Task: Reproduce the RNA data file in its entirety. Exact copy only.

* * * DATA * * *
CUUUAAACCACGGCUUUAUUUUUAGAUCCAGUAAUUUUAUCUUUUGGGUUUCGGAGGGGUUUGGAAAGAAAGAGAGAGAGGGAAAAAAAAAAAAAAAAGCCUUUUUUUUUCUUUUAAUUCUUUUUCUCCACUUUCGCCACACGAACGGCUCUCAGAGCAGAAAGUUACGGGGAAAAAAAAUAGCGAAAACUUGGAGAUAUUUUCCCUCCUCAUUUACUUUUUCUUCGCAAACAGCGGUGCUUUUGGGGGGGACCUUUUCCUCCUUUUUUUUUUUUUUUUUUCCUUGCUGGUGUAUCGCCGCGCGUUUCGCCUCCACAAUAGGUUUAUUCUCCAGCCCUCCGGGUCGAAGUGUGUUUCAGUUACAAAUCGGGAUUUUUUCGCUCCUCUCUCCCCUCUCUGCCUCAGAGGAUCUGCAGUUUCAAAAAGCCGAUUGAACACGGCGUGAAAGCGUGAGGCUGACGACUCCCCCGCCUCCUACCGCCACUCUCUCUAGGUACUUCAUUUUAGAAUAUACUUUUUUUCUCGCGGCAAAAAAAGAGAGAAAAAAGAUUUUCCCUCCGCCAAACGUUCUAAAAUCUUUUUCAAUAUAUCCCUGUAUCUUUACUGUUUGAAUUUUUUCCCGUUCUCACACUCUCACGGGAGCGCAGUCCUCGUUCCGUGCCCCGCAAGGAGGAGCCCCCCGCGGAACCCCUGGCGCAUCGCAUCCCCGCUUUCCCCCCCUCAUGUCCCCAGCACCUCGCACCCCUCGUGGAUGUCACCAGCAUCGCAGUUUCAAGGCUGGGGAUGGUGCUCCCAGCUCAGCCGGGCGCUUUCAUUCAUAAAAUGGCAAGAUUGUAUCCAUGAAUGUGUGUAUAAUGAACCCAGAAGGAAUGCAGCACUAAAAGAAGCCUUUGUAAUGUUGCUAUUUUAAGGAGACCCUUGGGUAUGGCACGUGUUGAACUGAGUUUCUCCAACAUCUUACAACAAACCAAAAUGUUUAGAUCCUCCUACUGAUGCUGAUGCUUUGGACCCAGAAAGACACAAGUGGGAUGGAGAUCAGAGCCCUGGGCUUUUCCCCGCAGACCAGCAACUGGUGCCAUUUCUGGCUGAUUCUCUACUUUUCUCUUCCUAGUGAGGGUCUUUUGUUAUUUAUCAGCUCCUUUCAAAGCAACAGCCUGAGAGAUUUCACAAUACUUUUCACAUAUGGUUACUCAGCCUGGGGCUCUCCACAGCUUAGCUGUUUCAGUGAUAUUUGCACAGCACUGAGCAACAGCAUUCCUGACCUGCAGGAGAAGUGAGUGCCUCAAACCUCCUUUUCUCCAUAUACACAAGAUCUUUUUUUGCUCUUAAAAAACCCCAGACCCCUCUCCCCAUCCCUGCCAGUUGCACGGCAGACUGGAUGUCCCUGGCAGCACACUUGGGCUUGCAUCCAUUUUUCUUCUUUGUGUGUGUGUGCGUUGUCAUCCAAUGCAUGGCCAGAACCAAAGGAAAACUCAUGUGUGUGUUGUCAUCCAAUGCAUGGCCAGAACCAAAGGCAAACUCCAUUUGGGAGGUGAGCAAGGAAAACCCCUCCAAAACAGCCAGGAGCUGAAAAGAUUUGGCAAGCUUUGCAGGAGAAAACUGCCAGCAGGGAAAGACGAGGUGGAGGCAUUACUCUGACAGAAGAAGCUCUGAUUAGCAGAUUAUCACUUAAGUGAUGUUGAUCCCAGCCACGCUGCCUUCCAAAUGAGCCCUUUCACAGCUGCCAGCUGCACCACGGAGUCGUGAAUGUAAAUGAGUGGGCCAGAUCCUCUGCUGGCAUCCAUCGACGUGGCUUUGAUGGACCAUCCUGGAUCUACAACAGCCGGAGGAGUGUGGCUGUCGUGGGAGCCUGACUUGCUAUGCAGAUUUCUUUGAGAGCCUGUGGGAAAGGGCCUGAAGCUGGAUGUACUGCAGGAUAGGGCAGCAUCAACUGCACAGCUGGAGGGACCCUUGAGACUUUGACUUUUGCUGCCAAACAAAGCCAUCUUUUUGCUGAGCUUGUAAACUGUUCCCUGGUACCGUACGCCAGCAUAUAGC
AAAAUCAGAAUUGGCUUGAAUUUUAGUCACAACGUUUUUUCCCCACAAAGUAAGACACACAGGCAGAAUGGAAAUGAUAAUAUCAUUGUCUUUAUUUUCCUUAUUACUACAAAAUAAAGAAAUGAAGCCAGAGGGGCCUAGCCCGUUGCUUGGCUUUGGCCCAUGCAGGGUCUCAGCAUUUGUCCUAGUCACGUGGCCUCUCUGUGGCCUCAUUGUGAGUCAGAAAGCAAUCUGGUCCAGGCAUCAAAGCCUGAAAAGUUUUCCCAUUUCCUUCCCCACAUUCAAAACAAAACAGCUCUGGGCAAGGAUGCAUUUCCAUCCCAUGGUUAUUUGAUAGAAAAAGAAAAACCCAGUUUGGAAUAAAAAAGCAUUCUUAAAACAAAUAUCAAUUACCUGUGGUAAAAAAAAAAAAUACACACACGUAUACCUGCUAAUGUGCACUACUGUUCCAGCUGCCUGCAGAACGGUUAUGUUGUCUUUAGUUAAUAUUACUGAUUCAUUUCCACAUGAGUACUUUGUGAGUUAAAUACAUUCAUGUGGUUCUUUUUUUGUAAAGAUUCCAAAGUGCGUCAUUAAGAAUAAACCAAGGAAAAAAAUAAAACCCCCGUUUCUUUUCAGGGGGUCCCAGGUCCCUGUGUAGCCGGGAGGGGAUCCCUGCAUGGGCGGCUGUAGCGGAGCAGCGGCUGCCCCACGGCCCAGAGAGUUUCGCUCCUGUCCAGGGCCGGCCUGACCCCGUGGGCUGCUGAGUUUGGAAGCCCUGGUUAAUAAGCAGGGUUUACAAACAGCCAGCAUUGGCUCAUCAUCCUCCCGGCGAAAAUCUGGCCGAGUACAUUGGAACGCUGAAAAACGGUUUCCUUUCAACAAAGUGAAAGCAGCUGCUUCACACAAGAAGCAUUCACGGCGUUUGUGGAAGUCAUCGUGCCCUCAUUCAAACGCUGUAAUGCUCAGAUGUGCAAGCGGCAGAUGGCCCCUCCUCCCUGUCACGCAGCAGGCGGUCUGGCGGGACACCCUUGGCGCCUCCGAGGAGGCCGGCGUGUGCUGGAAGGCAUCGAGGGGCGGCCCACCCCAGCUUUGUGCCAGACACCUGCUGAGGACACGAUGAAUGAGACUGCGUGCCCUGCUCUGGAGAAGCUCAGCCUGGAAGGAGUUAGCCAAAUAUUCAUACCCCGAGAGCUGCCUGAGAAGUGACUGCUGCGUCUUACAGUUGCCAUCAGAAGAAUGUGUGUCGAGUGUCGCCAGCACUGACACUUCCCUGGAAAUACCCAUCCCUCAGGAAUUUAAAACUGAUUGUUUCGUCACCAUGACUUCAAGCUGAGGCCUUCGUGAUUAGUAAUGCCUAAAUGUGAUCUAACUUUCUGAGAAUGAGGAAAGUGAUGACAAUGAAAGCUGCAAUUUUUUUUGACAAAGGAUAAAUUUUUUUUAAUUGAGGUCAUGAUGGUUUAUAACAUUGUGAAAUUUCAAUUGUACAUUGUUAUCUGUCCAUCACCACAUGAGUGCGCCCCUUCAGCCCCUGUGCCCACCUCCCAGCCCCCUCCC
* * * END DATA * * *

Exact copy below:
CUUUAAACCACGGCUUUAUUUUUAGAUCCAGUAAUUUUAUCUUUUGGGUUUCGGAGGGGUUUGGAAAGAAAGAGAGAGAGGGAAAAAAAAAAAAAAAAGCCUUUUUUUUUCUUUUAAUUCUUUUUCUCCACUUUCGCCACACGAACGGCUCUCAGAGCAGAAAGUUACGGGGAAAAAAAAUAGCGAAAACUUGGAGAUAUUUUCCCUCCUCAUUUACUUUUUCUUCGCAAACAGCGGUGCUUUUGGGGGGGACCUUUUCCUCCUUUUUUUUUUUUUUUUUUCCUUGCUGGUGUAUCGCCGCGCGUUUCGCCUCCACAAUAGGUUUAUUCUCCAGCCCUCCGGGUCGAAGUGUGUUUCAGUUACAAAUCGGGAUUUUUUCGCUCCUCUCUCCCCUCUCUGCCUCAGAGGAUCUGCAGUUUCAAAAAGCCGAUUGAACACGGCGUGAAAGCGUGAGGCUGACGACUCCCCCGCCUCCUACCGCCACUCUCUCUAGGUACUUCAUUUUAGAAUAUACUUUUUUUCUCGCGGCAAAAAAAGAGAGAAAAAAGAUUUUCCCUCCGCCAAACGUUCUAAAAUCUUUUUCAAUAUAUCCCUGUAUCUUUACUGUUUGAAUUUUUUCCCGUUCUCACACUCUCACGGGAGCGCAGUCCUCGUUCCGUGCCCCGCAAGGAGGAGCCCCCCGCGGAACCCCUGGCGCAUCGCAUCCCCGCUUUCCCCCCCUCAUGUCCCCAGCACCUCGCACCCCUCGUGGAUGUCACCAGCAUCGCAGUUUCAAGGCUGGGGAUGGUGCUCCCAGCUCAGCCGGGCGCUUUCAUUCAUAAAAUGGCAAGAUUGUAUCCAUGAAUGUGUGUAUAAUGAACCCAGAAGGAAUGCAGCACUAAAAGAAGCCUUUGUAAUGUUGCUAUUUUAAGGAGACCCUUGGGUAUGGCACGUGUUGAACUGAGUUUCUCCAACAUCUUACAACAAACCAAAAUGUUUAGAUCCUCCUACUGAUGCUGAUGCUUUGGACCCAGAAAGACACAAGUGGGAUGGAGAUCAGAGCCCUGGGCUUUUCCCCGCAGACCAGCAACUGGUGCCAUUUCUGGCUGAUUCUCUACUUUUCUCUUCCUAGUGAGGGUCUUUUGUUAUUUAUCAGCUCCUUUCAAAGCAACAGCCUGAGAGAUUUCACAAUACUUUUCACAUAUGGUUACUCAGCCUGGGGCUCUCCACAGCUUAGCUGUUUCAGUGAUAUUUGCACAGCACUGAGCAACAGCAUUCCUGACCUGCAGGAGAAGUGAGUGCCUCAAACCUCCUUUUCUCCAUAUACACAAGAUCUUUUUUUGCUCUUAAAAAACCCCAGACCCCUCUCCCCAUCCCUGCCAGUUGCACGGCAGACUGGAUGUCCCUGGCAGCACACUUGGGCUUGCAUCCAUUUUUCUUCUUUGUGUGUGUGUGCGUUGUCAUCCAAUGCAUGGCCAGAACCAAAGGAAAACUCAUGUGUGUGUUGUCAUCCAAUGCAUGGCCAGAACCAAAGGCAAACUCCAUUUGGGAGGUGAGCAAGGAAAACCCCUCCAAAACAGCCAGGAGCUGAAAAGAUUUGGCAAGCUUUGCAGGAGAAAACUGCCAGCAGGGAAAGACGAGGUGGAGGCAUUACUCUGACAGAAGAAGCUCUGAUUAGCAGAUUAUCACUUAAGUGAUGUUGAUCCCAGCCACGCUGCCUUCCAAAUGAGCCCUUUCACAGCUGCCAGCUGCACCACGGAGUCGUGAAUGUAAAUGAGUGGGCCAGAUCCUCUGCUGGCAUCCAUCGACGUGGCUUUGAUGGACCAUCCUGGAUCUACAACAGCCGGAGGAGUGUGGCUGUCGUGGGAGCCUGACUUGCUAUGCAGAUUUCUUUGAGAGCCUGUGGGAAAGGGCCUGAAGCUGGAUGUACUGCAGGAUAGGGCAGCAUCAACUGCACAGCUGGAGGGACCCUUGAGACUUUGACUUUUGCUGCCAAACAAAGCCAUCUUUUUGCUGAGCUUGUAAACUGUUCCCUGGUACCGUACGCCAGCAUAUAGC
AAAAUCAGAAUUGGCUUGAAUUUUAGUCACAACGUUUUUUCCCCACAAAGUAAGACACACAGGCAGAAUGGAAAUGAUAAUAUCAUUGUCUUUAUUUUCCUUAUUACUACAAAAUAAAGAAAUGAAGCCAGAGGGGCCUAGCCCGUUGCUUGGCUUUGGCCCAUGCAGGGUCUCAGCAUUUGUCCUAGUCACGUGGCCUCUCUGUGGCCUCAUUGUGAGUCAGAAAGCAAUCUGGUCCAGGCAUCAAAGCCUGAAAAGUUUUCCCAUUUCCUUCCCCACAUUCAAAACAAAACAGCUCUGGGCAAGGAUGCAUUUCCAUCCCAUGGUUAUUUGAUAGAAAAAGAAAAACCCAGUUUGGAAUAAAAAAGCAUUCUUAAAACAAAUAUCAAUUACCUGUGGUAAAAAAAAAAAAUACACACACGUAUACCUGCUAAUGUGCACUACUGUUCCAGCUGCCUGCAGAACGGUUAUGUUGUCUUUAGUUAAUAUUACUGAUUCAUUUCCACAUGAGUACUUUGUGAGUUAAAUACAUUCAUGUGGUUCUUUUUUUGUAAAGAUUCCAAAGUGCGUCAUUAAGAAUAAACCAAGGAAAAAAAUAAAACCCCCGUUUCUUUUCAGGGGGUCCCAGGUCCCUGUGUAGCCGGGAGGGGAUCCCUGCAUGGGCGGCUGUAGCGGAGCAGCGGCUGCCCCACGGCCCAGAGAGUUUCGCUCCUGUCCAGGGCCGGCCUGACCCCGUGGGCUGCUGAGUUUGGAAGCCCUGGUUAAUAAGCAGGGUUUACAAACAGCCAGCAUUGGCUCAUCAUCCUCCCGGCGAAAAUCUGGCCGAGUACAUUGGAACGCUGAAAAACGGUUUCCUUUCAACAAAGUGAAAGCAGCUGCUUCACACAAGAAGCAUUCACGGCGUUUGUGGAAGUCAUCGUGCCCUCAUUCAAACGCUGUAAUGCUCAGAUGUGCAAGCGGCAGAUGGCCCCUCCUCCCUGUCACGCAGCAGGCGGUCUGGCGGGACACCCUUGGCGCCUCCGAGGAGGCCGGCGUGUGCUGGAAGGCAUCGAGGGGCGGCCCACCCCAGCUUUGUGCCAGACACCUGCUGAGGACACGAUGAAUGAGACUGCGUGCCCUGCUCUGGAGAAGCUCAGCCUGGAAGGAGUUAGCCAAAUAUUCAUACCCCGAGAGCUGCCUGAGAAGUGACUGCUGCGUCUUACAGUUGCCAUCAGAAGAAUGUGUGUCGAGUGUCGCCAGCACUGACACUUCCCUGGAAAUACCCAUCCCUCAGGAAUUUAAAACUGAUUGUUUCGUCACCAUGACUUCAAGCUGAGGCCUUCGUGAUUAGUAAUGCCUAAAUGUGAUCUAACUUUCUGAGAAUGAGGAAAGUGAUGACAAUGAAAGCUGCAAUUUUUUUUGACAAAGGAUAAAUUUUUUUUAAUUGAGGUCAUGAUGGUUUAUAACAUUGUGAAAUUUCAAUUGUACAUUGUUAUCUGUCCAUCACCACAUGAGUGCGCCCCUUCAGCCCCUGUGCCCACCUCCCAGCCCCCUCCC